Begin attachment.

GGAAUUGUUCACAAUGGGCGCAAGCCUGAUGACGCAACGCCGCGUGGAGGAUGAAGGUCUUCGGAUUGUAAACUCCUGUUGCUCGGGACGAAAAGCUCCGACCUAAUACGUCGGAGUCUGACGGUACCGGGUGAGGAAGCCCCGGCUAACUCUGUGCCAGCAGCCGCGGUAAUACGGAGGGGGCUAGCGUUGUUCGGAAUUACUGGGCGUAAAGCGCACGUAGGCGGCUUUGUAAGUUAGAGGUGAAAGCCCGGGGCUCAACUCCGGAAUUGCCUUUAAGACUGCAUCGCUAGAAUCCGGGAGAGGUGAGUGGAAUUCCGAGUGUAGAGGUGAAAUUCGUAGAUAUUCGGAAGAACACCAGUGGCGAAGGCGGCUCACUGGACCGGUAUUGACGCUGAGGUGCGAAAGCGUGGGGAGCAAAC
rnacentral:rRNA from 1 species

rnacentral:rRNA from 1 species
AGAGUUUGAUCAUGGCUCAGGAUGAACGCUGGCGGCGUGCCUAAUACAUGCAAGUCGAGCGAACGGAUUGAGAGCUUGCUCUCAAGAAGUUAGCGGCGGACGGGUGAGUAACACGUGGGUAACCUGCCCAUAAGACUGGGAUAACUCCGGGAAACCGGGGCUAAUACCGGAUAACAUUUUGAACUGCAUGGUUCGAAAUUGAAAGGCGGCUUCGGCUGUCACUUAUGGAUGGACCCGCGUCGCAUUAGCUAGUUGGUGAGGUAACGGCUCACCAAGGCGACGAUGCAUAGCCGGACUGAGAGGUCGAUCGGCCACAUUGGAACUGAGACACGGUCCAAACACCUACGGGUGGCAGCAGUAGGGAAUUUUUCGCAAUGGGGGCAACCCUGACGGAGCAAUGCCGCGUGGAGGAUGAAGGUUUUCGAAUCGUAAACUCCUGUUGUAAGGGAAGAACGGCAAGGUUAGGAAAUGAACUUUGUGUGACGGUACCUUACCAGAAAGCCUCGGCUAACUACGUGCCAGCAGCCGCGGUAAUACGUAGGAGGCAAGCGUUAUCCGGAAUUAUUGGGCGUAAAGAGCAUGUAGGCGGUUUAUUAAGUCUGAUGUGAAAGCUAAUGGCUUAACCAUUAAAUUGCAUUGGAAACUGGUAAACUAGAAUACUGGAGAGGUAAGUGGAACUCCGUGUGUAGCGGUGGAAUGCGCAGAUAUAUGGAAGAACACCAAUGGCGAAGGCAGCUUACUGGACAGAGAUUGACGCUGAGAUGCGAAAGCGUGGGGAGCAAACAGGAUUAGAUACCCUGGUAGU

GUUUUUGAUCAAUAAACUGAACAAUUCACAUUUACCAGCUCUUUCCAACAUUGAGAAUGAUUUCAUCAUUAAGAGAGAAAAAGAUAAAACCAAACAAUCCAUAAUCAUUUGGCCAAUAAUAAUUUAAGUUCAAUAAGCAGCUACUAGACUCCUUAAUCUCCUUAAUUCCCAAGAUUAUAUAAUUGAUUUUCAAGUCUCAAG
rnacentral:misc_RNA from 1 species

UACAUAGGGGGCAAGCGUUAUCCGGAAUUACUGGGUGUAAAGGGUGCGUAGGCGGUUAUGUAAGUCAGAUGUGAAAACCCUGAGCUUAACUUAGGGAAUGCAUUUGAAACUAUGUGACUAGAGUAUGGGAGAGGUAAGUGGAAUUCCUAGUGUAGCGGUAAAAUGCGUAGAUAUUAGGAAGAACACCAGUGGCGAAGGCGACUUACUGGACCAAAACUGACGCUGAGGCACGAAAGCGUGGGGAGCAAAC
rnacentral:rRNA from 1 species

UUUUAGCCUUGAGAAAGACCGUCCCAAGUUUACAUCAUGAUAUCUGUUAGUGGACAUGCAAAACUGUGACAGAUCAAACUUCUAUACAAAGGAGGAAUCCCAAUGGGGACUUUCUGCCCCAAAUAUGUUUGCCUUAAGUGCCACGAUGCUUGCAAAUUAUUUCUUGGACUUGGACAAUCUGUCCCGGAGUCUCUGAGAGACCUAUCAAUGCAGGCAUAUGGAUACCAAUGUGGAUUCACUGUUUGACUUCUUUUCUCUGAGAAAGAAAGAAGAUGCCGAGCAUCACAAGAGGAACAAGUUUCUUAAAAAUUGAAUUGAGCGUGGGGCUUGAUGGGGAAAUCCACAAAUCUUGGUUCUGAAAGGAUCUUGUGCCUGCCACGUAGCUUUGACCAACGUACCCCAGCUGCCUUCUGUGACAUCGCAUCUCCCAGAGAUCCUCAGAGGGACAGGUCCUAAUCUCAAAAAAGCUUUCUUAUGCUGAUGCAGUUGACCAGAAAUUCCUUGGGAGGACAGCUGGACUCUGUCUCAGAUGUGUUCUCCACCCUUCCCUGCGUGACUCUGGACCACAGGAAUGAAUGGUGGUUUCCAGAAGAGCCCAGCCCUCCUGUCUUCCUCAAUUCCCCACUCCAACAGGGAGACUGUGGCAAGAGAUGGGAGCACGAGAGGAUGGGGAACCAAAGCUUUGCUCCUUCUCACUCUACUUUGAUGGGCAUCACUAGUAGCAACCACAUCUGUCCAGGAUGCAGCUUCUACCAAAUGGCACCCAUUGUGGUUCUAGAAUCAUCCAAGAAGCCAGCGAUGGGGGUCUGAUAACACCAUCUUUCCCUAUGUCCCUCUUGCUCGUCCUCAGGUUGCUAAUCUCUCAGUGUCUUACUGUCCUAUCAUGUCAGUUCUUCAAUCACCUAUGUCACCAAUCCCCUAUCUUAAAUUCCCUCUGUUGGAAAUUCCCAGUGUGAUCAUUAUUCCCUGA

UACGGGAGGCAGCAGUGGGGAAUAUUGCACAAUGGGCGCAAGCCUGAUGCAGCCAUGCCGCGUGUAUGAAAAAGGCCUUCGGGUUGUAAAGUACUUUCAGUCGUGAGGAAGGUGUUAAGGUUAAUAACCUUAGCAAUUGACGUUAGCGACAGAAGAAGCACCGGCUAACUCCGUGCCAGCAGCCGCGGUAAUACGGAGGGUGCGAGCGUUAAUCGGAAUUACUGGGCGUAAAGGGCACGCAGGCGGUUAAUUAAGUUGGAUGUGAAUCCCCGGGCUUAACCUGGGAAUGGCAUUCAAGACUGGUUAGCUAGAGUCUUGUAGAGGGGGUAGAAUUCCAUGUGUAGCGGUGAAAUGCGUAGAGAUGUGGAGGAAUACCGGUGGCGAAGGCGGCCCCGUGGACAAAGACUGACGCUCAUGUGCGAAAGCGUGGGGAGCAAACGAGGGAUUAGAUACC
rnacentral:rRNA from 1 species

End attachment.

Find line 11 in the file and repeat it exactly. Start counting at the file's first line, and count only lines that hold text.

rnacentral:rRNA from 1 species